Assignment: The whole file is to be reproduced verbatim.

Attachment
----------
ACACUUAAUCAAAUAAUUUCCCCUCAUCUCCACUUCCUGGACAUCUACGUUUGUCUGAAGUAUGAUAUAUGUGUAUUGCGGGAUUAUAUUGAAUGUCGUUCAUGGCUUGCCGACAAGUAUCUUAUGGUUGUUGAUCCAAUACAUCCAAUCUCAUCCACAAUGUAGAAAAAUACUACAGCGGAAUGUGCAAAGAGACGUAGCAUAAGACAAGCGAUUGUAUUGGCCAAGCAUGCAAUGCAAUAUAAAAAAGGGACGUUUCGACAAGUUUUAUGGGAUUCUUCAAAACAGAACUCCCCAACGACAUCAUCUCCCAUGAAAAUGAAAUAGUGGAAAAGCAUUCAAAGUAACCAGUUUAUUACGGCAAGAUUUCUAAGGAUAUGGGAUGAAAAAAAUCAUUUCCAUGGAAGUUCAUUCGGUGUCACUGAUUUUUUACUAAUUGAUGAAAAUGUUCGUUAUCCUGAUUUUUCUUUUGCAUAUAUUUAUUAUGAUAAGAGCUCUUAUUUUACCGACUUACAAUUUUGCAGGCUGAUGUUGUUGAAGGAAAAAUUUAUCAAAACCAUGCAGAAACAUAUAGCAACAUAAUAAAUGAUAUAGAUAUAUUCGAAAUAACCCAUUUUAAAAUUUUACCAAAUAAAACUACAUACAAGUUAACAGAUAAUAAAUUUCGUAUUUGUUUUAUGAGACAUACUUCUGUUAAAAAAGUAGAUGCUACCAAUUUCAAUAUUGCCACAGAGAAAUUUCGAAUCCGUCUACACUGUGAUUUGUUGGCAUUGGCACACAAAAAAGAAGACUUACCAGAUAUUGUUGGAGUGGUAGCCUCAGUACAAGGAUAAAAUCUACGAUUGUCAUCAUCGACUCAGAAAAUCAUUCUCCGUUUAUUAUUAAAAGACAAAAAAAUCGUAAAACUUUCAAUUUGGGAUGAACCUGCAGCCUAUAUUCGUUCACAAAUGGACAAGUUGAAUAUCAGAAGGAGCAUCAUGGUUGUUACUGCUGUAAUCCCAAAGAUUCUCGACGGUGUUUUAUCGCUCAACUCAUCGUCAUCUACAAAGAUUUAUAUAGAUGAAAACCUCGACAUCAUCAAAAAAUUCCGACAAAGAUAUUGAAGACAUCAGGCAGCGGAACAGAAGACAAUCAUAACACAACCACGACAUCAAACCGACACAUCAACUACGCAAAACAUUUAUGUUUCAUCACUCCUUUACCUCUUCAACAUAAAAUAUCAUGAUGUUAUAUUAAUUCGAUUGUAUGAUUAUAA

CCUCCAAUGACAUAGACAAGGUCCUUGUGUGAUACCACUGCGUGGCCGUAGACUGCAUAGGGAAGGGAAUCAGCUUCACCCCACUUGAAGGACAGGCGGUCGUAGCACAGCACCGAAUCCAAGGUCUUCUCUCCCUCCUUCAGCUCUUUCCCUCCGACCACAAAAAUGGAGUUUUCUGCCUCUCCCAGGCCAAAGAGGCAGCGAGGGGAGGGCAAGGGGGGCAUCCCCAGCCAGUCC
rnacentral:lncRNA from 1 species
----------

ACACUUAAUCAAAUAAUUUCCCCUCAUCUCCACUUCCUGGACAUCUACGUUUGUCUGAAGUAUGAUAUAUGUGUAUUGCGGGAUUAUAUUGAAUGUCGUUCAUGGCUUGCCGACAAGUAUCUUAUGGUUGUUGAUCCAAUACAUCCAAUCUCAUCCACAAUGUAGAAAAAUACUACAGCGGAAUGUGCAAAGAGACGUAGCAUAAGACAAGCGAUUGUAUUGGCCAAGCAUGCAAUGCAAUAUAAAAAAGGGACGUUUCGACAAGUUUUAUGGGAUUCUUCAAAACAGAACUCCCCAACGACAUCAUCUCCCAUGAAAAUGAAAUAGUGGAAAAGCAUUCAAAGUAACCAGUUUAUUACGGCAAGAUUUCUAAGGAUAUGGGAUGAAAAAAAUCAUUUCCAUGGAAGUUCAUUCGGUGUCACUGAUUUUUUACUAAUUGAUGAAAAUGUUCGUUAUCCUGAUUUUUCUUUUGCAUAUAUUUAUUAUGAUAAGAGCUCUUAUUUUACCGACUUACAAUUUUGCAGGCUGAUGUUGUUGAAGGAAAAAUUUAUCAAAACCAUGCAGAAACAUAUAGCAACAUAAUAAAUGAUAUAGAUAUAUUCGAAAUAACCCAUUUUAAAAUUUUACCAAAUAAAACUACAUACAAGUUAACAGAUAAUAAAUUUCGUAUUUGUUUUAUGAGACAUACUUCUGUUAAAAAAGUAGAUGCUACCAAUUUCAAUAUUGCCACAGAGAAAUUUCGAAUCCGUCUACACUGUGAUUUGUUGGCAUUGGCACACAAAAAAGAAGACUUACCAGAUAUUGUUGGAGUGGUAGCCUCAGUACAAGGAUAAAAUCUACGAUUGUCAUCAUCGACUCAGAAAAUCAUUCUCCGUUUAUUAUUAAAAGACAAAAAAAUCGUAAAACUUUCAAUUUGGGAUGAACCUGCAGCCUAUAUUCGUUCACAAAUGGACAAGUUGAAUAUCAGAAGGAGCAUCAUGGUUGUUACUGCUGUAAUCCCAAAGAUUCUCGACGGUGUUUUAUCGCUCAACUCAUCGUCAUCUACAAAGAUUUAUAUAGAUGAAAACCUCGACAUCAUCAAAAAAUUCCGACAAAGAUAUUGAAGACAUCAGGCAGCGGAACAGAAGACAAUCAUAACACAACCACGACAUCAAACCGACACAUCAACUACGCAAAACAUUUAUGUUUCAUCACUCCUUUACCUCUUCAACAUAAAAUAUCAUGAUGUUAUAUUAAUUCGAUUGUAUGAUUAUAA

CCUCCAAUGACAUAGACAAGGUCCUUGUGUGAUACCACUGCGUGGCCGUAGACUGCAUAGGGAAGGGAAUCAGCUUCACCCCACUUGAAGGACAGGCGGUCGUAGCACAGCACCGAAUCCAAGGUCUUCUCUCCCUCCUUCAGCUCUUUCCCUCCGACCACAAAAAUGGAGUUUUCUGCCUCUCCCAGGCCAAAGAGGCAGCGAGGGGAGGGCAAGGGGGGCAUCCCCAGCCAGUCC
rnacentral:lncRNA from 1 species